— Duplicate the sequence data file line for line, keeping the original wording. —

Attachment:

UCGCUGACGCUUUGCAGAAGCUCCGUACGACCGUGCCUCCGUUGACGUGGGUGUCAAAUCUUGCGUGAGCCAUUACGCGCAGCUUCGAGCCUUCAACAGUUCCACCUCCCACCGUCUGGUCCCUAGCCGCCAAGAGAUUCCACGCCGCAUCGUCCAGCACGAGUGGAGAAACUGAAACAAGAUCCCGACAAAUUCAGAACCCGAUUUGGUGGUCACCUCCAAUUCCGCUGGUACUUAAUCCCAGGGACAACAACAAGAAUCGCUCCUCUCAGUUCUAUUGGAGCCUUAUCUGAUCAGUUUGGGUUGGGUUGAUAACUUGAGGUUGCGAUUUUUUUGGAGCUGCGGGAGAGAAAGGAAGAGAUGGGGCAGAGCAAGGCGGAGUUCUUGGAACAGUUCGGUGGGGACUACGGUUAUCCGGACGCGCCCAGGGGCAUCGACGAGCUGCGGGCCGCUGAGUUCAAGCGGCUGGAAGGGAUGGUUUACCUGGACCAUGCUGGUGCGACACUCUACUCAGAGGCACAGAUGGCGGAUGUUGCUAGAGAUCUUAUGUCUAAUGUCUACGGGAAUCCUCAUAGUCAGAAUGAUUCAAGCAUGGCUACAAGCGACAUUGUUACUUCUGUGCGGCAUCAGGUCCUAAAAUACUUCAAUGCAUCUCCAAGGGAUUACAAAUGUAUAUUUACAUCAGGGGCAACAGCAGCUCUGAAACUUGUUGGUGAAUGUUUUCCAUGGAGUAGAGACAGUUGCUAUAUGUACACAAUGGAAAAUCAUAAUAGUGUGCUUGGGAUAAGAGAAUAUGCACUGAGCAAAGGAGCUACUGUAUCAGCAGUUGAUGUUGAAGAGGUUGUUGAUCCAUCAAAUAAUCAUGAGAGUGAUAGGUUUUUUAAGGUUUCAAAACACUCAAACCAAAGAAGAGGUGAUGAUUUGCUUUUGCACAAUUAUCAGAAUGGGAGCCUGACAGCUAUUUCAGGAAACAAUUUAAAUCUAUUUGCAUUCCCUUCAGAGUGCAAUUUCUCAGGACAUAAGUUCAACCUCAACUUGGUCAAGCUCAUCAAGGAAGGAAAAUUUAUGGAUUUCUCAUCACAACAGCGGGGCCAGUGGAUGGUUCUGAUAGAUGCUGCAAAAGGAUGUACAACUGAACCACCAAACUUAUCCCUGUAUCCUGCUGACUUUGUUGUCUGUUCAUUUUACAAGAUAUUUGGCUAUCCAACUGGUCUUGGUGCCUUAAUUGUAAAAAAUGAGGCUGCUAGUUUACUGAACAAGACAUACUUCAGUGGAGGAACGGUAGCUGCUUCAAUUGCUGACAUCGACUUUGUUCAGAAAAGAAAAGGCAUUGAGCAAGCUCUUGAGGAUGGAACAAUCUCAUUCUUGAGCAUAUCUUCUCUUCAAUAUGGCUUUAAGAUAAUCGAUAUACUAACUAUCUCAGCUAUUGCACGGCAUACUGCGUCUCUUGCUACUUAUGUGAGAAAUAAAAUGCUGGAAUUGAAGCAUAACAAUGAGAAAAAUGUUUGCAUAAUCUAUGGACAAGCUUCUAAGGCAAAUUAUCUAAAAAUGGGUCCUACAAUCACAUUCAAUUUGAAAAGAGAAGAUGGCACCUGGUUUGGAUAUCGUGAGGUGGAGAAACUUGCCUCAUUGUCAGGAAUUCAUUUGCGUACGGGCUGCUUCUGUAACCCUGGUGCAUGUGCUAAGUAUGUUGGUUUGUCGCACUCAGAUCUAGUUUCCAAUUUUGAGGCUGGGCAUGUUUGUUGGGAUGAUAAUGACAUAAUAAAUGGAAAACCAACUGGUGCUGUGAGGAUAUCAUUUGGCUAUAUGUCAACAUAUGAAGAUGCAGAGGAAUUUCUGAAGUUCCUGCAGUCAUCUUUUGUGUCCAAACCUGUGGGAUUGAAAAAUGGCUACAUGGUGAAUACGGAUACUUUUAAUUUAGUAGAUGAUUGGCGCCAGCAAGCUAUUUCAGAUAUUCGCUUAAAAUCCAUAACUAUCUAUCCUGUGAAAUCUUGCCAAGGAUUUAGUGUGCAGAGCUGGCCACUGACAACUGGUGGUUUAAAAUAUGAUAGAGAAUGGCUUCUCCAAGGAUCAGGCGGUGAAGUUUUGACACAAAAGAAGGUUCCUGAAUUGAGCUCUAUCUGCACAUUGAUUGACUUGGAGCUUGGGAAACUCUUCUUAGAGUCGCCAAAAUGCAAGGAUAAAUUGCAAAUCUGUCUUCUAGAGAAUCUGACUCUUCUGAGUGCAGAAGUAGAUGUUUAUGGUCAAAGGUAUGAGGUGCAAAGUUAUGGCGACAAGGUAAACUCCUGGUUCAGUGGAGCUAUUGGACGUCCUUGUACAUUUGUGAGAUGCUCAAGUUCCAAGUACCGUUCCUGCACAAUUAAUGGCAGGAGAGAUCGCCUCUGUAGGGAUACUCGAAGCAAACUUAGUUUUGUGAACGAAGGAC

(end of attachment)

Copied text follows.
UCGCUGACGCUUUGCAGAAGCUCCGUACGACCGUGCCUCCGUUGACGUGGGUGUCAAAUCUUGCGUGAGCCAUUACGCGCAGCUUCGAGCCUUCAACAGUUCCACCUCCCACCGUCUGGUCCCUAGCCGCCAAGAGAUUCCACGCCGCAUCGUCCAGCACGAGUGGAGAAACUGAAACAAGAUCCCGACAAAUUCAGAACCCGAUUUGGUGGUCACCUCCAAUUCCGCUGGUACUUAAUCCCAGGGACAACAACAAGAAUCGCUCCUCUCAGUUCUAUUGGAGCCUUAUCUGAUCAGUUUGGGUUGGGUUGAUAACUUGAGGUUGCGAUUUUUUUGGAGCUGCGGGAGAGAAAGGAAGAGAUGGGGCAGAGCAAGGCGGAGUUCUUGGAACAGUUCGGUGGGGACUACGGUUAUCCGGACGCGCCCAGGGGCAUCGACGAGCUGCGGGCCGCUGAGUUCAAGCGGCUGGAAGGGAUGGUUUACCUGGACCAUGCUGGUGCGACACUCUACUCAGAGGCACAGAUGGCGGAUGUUGCUAGAGAUCUUAUGUCUAAUGUCUACGGGAAUCCUCAUAGUCAGAAUGAUUCAAGCAUGGCUACAAGCGACAUUGUUACUUCUGUGCGGCAUCAGGUCCUAAAAUACUUCAAUGCAUCUCCAAGGGAUUACAAAUGUAUAUUUACAUCAGGGGCAACAGCAGCUCUGAAACUUGUUGGUGAAUGUUUUCCAUGGAGUAGAGACAGUUGCUAUAUGUACACAAUGGAAAAUCAUAAUAGUGUGCUUGGGAUAAGAGAAUAUGCACUGAGCAAAGGAGCUACUGUAUCAGCAGUUGAUGUUGAAGAGGUUGUUGAUCCAUCAAAUAAUCAUGAGAGUGAUAGGUUUUUUAAGGUUUCAAAACACUCAAACCAAAGAAGAGGUGAUGAUUUGCUUUUGCACAAUUAUCAGAAUGGGAGCCUGACAGCUAUUUCAGGAAACAAUUUAAAUCUAUUUGCAUUCCCUUCAGAGUGCAAUUUCUCAGGACAUAAGUUCAACCUCAACUUGGUCAAGCUCAUCAAGGAAGGAAAAUUUAUGGAUUUCUCAUCACAACAGCGGGGCCAGUGGAUGGUUCUGAUAGAUGCUGCAAAAGGAUGUACAACUGAACCACCAAACUUAUCCCUGUAUCCUGCUGACUUUGUUGUCUGUUCAUUUUACAAGAUAUUUGGCUAUCCAACUGGUCUUGGUGCCUUAAUUGUAAAAAAUGAGGCUGCUAGUUUACUGAACAAGACAUACUUCAGUGGAGGAACGGUAGCUGCUUCAAUUGCUGACAUCGACUUUGUUCAGAAAAGAAAAGGCAUUGAGCAAGCUCUUGAGGAUGGAACAAUCUCAUUCUUGAGCAUAUCUUCUCUUCAAUAUGGCUUUAAGAUAAUCGAUAUACUAACUAUCUCAGCUAUUGCACGGCAUACUGCGUCUCUUGCUACUUAUGUGAGAAAUAAAAUGCUGGAAUUGAAGCAUAACAAUGAGAAAAAUGUUUGCAUAAUCUAUGGACAAGCUUCUAAGGCAAAUUAUCUAAAAAUGGGUCCUACAAUCACAUUCAAUUUGAAAAGAGAAGAUGGCACCUGGUUUGGAUAUCGUGAGGUGGAGAAACUUGCCUCAUUGUCAGGAAUUCAUUUGCGUACGGGCUGCUUCUGUAACCCUGGUGCAUGUGCUAAGUAUGUUGGUUUGUCGCACUCAGAUCUAGUUUCCAAUUUUGAGGCUGGGCAUGUUUGUUGGGAUGAUAAUGACAUAAUAAAUGGAAAACCAACUGGUGCUGUGAGGAUAUCAUUUGGCUAUAUGUCAACAUAUGAAGAUGCAGAGGAAUUUCUGAAGUUCCUGCAGUCAUCUUUUGUGUCCAAACCUGUGGGAUUGAAAAAUGGCUACAUGGUGAAUACGGAUACUUUUAAUUUAGUAGAUGAUUGGCGCCAGCAAGCUAUUUCAGAUAUUCGCUUAAAAUCCAUAACUAUCUAUCCUGUGAAAUCUUGCCAAGGAUUUAGUGUGCAGAGCUGGCCACUGACAACUGGUGGUUUAAAAUAUGAUAGAGAAUGGCUUCUCCAAGGAUCAGGCGGUGAAGUUUUGACACAAAAGAAGGUUCCUGAAUUGAGCUCUAUCUGCACAUUGAUUGACUUGGAGCUUGGGAAACUCUUCUUAGAGUCGCCAAAAUGCAAGGAUAAAUUGCAAAUCUGUCUUCUAGAGAAUCUGACUCUUCUGAGUGCAGAAGUAGAUGUUUAUGGUCAAAGGUAUGAGGUGCAAAGUUAUGGCGACAAGGUAAACUCCUGGUUCAGUGGAGCUAUUGGACGUCCUUGUACAUUUGUGAGAUGCUCAAGUUCCAAGUACCGUUCCUGCACAAUUAAUGGCAGGAGAGAUCGCCUCUGUAGGGAUACUCGAAGCAAACUUAGUUUUGUGAACGAAGGAC